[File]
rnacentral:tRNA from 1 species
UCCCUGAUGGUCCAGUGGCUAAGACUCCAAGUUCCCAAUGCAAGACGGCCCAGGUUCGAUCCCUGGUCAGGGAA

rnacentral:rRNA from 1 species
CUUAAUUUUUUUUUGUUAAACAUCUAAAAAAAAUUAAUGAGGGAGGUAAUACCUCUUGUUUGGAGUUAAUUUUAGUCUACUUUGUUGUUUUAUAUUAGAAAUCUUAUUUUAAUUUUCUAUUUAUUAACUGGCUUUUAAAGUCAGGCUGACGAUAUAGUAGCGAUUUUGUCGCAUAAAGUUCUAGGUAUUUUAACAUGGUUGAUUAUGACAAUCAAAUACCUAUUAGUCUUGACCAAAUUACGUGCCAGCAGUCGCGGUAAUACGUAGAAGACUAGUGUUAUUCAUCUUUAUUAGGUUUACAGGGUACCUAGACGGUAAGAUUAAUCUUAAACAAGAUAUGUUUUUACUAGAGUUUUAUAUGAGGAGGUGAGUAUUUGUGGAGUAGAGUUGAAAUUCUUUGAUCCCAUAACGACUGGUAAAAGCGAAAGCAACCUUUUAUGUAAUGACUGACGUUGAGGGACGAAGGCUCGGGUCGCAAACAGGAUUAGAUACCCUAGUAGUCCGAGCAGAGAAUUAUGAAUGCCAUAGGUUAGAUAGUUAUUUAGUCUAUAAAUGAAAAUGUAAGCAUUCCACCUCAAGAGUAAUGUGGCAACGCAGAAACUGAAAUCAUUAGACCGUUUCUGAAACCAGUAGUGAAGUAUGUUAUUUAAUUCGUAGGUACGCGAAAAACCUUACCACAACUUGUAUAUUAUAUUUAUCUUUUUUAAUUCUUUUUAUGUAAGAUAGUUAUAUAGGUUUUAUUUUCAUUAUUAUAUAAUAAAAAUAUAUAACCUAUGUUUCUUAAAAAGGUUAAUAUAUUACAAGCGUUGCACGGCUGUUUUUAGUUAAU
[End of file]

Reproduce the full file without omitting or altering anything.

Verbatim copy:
rnacentral:tRNA from 1 species
UCCCUGAUGGUCCAGUGGCUAAGACUCCAAGUUCCCAAUGCAAGACGGCCCAGGUUCGAUCCCUGGUCAGGGAA

rnacentral:rRNA from 1 species
CUUAAUUUUUUUUUGUUAAACAUCUAAAAAAAAUUAAUGAGGGAGGUAAUACCUCUUGUUUGGAGUUAAUUUUAGUCUACUUUGUUGUUUUAUAUUAGAAAUCUUAUUUUAAUUUUCUAUUUAUUAACUGGCUUUUAAAGUCAGGCUGACGAUAUAGUAGCGAUUUUGUCGCAUAAAGUUCUAGGUAUUUUAACAUGGUUGAUUAUGACAAUCAAAUACCUAUUAGUCUUGACCAAAUUACGUGCCAGCAGUCGCGGUAAUACGUAGAAGACUAGUGUUAUUCAUCUUUAUUAGGUUUACAGGGUACCUAGACGGUAAGAUUAAUCUUAAACAAGAUAUGUUUUUACUAGAGUUUUAUAUGAGGAGGUGAGUAUUUGUGGAGUAGAGUUGAAAUUCUUUGAUCCCAUAACGACUGGUAAAAGCGAAAGCAACCUUUUAUGUAAUGACUGACGUUGAGGGACGAAGGCUCGGGUCGCAAACAGGAUUAGAUACCCUAGUAGUCCGAGCAGAGAAUUAUGAAUGCCAUAGGUUAGAUAGUUAUUUAGUCUAUAAAUGAAAAUGUAAGCAUUCCACCUCAAGAGUAAUGUGGCAACGCAGAAACUGAAAUCAUUAGACCGUUUCUGAAACCAGUAGUGAAGUAUGUUAUUUAAUUCGUAGGUACGCGAAAAACCUUACCACAACUUGUAUAUUAUAUUUAUCUUUUUUAAUUCUUUUUAUGUAAGAUAGUUAUAUAGGUUUUAUUUUCAUUAUUAUAUAAUAAAAAUAUAUAACCUAUGUUUCUUAAAAAGGUUAAUAUAUUACAAGCGUUGCACGGCUGUUUUUAGUUAAU